Album Review – Heaven’s Basement – “Filthy Empire”

filthy empire

If one band has had more ups and downs than a groupie’s knickers, (if you’ll pardon that well-worn phrase), having tried and tried again for years on end, then surely, success must prevail for Heavens Basement at last?  With a history of hectic touring schedules behind and ahead of them; some significant band member changes over the years and two EPs to their name, the UK rockers are about to release their debut album, recorded and produced by John Feldman (Black Veil Brides/Papa Roach).

This is not an album that will “grow” on you if you like hard rocking heavy riffage, gut wrenching vocals, and slapping drums.  No.  It will grab you from the moment vocalist, Aaron Buchanan, screams the first blood curdling words “Welcome home!  Come In!”.  It will proceed to shake you up and down by the scruff of your neck and have you pressing the replay button from the moment the last note crashes out. Girls.  Boys.  The door is wide open upon this “Filthy Empire”.  Please, go through.

Bold and ballsy, “Welcome Home” is followed by the single “Fire Fire”, released towards the end of last year.  It has everything on offer from its distinctive intro, huge riffs, melodious interludes and tumbling lead solos from guitarist Sid Glover that take the song home to a Guns N Roses/Slash ending.

“Nothing Left To Lose”, a defiant song of no regrets, is their second single from the album.  It is full of chunky verses and an uplifting chorus that sticks in your head and I guarantee you’ll be singing that one for days afterwards.

“Lights Out In London” slows the process down slightly.  In the form of a bluesy number sung with bitter emotion conveying despair on the darker streets of London, it is a thought provoking moment before “I Am Electric” kicks in.  Now, stand back and bare caution, this one spits venom.  It is an in your face wakeup call in the form of a sharp slap about the chops that is finished off with a dash of screamo.

There are a couple of obvious clichés that glare occasionally, one being “The Long Goodbye”, taken from their second EP “Unbreakable”.  A song with twangy riffs reminiscent of The Cult, it is about not knowing what you’ve got until its gone, but that said it is well structured with varying melodies although the verses are a little unmemorable.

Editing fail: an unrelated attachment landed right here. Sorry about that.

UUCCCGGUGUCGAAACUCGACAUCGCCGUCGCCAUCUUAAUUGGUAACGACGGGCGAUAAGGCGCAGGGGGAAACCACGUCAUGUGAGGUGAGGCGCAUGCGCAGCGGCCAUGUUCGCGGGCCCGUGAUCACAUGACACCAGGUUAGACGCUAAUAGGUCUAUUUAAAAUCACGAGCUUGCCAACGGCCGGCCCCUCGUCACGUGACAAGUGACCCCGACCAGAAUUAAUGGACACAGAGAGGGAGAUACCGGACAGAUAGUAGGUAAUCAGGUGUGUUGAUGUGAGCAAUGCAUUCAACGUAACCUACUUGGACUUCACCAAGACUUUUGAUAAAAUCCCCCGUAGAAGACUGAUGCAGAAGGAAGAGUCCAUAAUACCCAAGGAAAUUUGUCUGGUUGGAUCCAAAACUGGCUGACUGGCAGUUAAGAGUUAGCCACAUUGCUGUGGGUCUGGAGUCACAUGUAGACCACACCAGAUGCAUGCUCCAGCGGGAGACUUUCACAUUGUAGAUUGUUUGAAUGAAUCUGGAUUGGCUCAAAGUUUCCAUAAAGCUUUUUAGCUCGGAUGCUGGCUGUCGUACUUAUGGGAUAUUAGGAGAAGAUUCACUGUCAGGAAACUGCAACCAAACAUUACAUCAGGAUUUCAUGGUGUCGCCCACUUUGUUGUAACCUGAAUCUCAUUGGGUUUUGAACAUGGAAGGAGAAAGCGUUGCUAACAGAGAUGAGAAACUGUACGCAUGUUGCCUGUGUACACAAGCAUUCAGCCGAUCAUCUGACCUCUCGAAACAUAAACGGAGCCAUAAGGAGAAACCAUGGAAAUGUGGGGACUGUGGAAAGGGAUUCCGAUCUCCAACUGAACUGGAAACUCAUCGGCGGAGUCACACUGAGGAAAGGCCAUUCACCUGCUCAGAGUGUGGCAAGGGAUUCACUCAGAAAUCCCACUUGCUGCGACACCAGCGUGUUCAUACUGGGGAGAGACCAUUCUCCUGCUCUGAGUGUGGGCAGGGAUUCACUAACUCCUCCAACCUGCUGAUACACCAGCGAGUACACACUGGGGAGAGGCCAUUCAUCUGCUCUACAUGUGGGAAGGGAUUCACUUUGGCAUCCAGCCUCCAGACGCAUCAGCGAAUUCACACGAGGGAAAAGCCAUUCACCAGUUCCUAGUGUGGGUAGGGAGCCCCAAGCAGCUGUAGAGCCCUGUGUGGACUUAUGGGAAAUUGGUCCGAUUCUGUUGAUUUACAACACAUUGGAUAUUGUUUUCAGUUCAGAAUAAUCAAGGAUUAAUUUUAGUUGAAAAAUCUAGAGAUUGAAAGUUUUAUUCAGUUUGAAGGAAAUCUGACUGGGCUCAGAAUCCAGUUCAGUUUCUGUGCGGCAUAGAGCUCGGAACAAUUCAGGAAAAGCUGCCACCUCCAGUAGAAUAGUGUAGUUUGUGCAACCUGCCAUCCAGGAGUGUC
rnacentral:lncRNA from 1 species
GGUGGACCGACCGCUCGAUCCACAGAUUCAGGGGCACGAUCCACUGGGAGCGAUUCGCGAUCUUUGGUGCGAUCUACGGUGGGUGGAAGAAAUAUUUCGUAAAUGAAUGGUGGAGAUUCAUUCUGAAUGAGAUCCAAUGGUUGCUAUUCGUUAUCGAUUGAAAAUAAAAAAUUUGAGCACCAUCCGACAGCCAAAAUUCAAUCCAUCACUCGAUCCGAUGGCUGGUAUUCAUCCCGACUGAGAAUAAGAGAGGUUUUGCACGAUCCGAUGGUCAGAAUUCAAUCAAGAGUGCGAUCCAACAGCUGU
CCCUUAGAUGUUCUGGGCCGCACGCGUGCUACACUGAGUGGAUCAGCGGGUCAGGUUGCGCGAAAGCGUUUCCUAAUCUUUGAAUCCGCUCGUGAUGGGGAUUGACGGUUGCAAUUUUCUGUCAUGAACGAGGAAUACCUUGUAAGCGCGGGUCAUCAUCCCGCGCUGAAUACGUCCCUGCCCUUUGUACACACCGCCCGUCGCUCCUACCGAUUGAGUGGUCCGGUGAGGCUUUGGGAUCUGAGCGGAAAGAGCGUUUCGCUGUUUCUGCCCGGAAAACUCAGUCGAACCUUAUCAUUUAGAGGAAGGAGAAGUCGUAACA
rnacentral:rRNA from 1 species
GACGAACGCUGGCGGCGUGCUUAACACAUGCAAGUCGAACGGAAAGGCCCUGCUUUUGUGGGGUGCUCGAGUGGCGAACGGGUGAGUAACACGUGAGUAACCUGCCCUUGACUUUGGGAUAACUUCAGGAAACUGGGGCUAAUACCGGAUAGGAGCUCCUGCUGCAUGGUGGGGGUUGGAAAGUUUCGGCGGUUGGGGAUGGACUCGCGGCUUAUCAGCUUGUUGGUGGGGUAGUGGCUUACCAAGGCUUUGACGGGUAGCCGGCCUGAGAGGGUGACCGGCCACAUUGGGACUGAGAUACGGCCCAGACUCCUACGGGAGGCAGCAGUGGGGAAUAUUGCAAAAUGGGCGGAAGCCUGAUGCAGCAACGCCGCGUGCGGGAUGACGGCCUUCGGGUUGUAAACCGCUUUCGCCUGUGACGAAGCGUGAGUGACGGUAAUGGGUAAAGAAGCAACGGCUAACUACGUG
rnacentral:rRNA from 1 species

“Heartbreaking Son of a Bitch” tumbles along with unrelenting energy.  I loved the slightly distorted vocal intro which enhances the sheer bloody mindedness of a song delivered by Aaron with cocksure expression.  “Be Somebody” however, alters that divine moment when we get back to clichés.  It does display Aarons full range of vocal capabilities but the hard rocking attitude softens here and is more suited to mainstream listening targets with its easy melody and simply predictable lyrics – “I want to be somebody, I want to leave this town” etc.  It is a stadium anthem for sure, but one that I would choose to miss and take a trip to the bar.

“Can’t Let Go” from their first self-titled EP displays their talents for conjuring a multitude of melodic changes, with again, a slice of Guns N Roses style, and it takes us through the different levels of a love song hell bent on possession and obsession.

If there has to be a spine tingling moment on this promising album, then, “Price We Pay” will release the grip on the scruff of your neck and will tickle the hairs until you have goose bumps like mountains.  It is a delightful track with soulful vocals accompanied by acoustic guitar and piano, later joined by cello and the light peppering of percussion before soaring to a gentle crescendo.  This one keeps the album and the listener grounded.

“Jump Back” hurls us back to life with bluesy rock and roll, a good one for a dance about, before “Executioners Day”, the aptly placed finale on this album, races us out on the wave of a menacing stampede.

Having naturally gathered a multitude of influences in their time spent on the road, “Filthy Empire” proudly carries English eloquence and the result is Brit rock at its most potent. It is full of gigantic sing along choruses, powerhouse drumming, sliding guitars and chugging bass lines.

It’s true.  Heavens Basement have nothing left to loose and everything to gain.

This review is also available at www.stereoboard.com via http://www.stereoboard.com/content/view/177133/9

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